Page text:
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People v. Wicker

APRIL 7, 1972.

THE PEOPLE OF THE STATE OF ILLINOIS, PLAINTIFF-APPELLEE,

v.

MICHAEL WICKER, DEFENDANT-APPELLANT.



APPEAL from the Circuit Court of Cook County; the Hon. PHILIP ROMITI, Judge, presiding.

MR. JUSTICE DRUCKER DELIVERED THE OPINION OF THE COURT:

Defendant was found guilty in a bench trial of attempted murder and battery. He was found not guilty on charges of attempted robbery and aggravated battery. He was sentenced to six months for battery to run concurrently with a sentence of six to twelve years for attempted murder.

Defendant does not appeal the battery conviction but contends the following in his appeal of the conviction for attempted murder: (1) the evidence was not sufficient to warrant a finding that the acts of the defendant constituted a substantial step toward murder; (2) the State failed to prove beyond a reasonable doubt the intent element of the crime of murder; and (3) the State did not meet its burden of proving that defendant had the capacity to form an intent at the time of the offense.

Testimony of Officer Wayne Resek, called by the State:

At approximately noon on December 22, 1969, at 800 West Chicago Avenue, while driving in his squad car, he was hailed by a woman. He had a conversation with her and then headed west on Chicago Avenue. About 200 feet from the woman, on a bridge 100 feet above the Chicago River,

I observed the defendant, Michael Wicker — he had the man [Karijianis], with one hand around the stomach — the other hand between his legs, and the man was lifting off the ground, about six inches. — The man was holding — hanging onto the guardrail.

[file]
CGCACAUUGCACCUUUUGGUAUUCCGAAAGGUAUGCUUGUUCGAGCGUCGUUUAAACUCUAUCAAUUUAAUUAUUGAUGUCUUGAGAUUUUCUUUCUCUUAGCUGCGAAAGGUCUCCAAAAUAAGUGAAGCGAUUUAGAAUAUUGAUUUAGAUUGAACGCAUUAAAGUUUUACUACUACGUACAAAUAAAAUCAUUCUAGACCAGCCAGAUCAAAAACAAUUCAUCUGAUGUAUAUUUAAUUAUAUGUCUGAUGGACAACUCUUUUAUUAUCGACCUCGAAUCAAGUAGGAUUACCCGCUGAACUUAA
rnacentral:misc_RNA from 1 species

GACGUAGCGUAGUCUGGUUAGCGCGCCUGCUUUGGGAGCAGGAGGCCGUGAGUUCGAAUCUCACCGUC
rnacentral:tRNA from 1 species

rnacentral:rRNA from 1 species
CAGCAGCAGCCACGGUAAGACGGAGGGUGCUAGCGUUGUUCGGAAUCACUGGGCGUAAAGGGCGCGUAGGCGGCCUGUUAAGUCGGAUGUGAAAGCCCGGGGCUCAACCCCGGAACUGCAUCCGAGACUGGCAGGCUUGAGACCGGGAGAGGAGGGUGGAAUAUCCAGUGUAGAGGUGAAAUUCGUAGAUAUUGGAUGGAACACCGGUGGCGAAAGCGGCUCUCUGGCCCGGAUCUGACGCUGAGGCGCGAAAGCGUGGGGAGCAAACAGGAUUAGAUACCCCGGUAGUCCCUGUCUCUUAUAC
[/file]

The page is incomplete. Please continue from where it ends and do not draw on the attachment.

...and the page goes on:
The guardrail was three and one-half feet high. It was a very light, clear day and there was snow on the ground. He had a clear, unobstructed view of the defendant. Having observed the above, he and his partner got out of their squad car, placed the defendant under arrest and took him to a police station where complaints were signed.

On cross-examination he stated that Karijianis and the defendant were approximately halfway between the center and west end of the bridge on the north side. The defendant was standing up and Karijianis had both hands on the railing. The defendant had his left arm around Karijianis' waist and his right arm between Karijianis' legs.

Testimony of George Karijianis, called by the State:

He is 75 years old. About noon on December 22, 1969, he was on his way to Illinois Research Hospital to have his eyes and glasses tested when a young fellow (later identified as the defendant) approached him and asked him for carfare. He said he didn't have any and the defendant started hitting him and broke his glasses. He hit the defendant with his stick and then he hit the defendant in the jaw with his head. He then gave the following testimony: *fn1

"After I hit him with head * * * he grabbed me again, to take me — the bridge — you know, * * *.

Not have any money * * * you know, this guy * * * He trys me — to pull me — the bridge — down. Before the bridge — to take me down — I have the iron bars over there — I grab my hands, like that. It is after a few — I don't know — memory. The police — I see him after.

When asked how high off the ground he was lifted, he replied, "No, sir. No, sir, your honor." The following questioning then took place:

Karijianis. "He grabbed me, to throw me down there.

Q. Did you grab onto the guardrail?

A. Yes.

Q. With both hands?

A. Sure * * * both hands.

Q. All right. Do you remember, sir, being lifted off the ...


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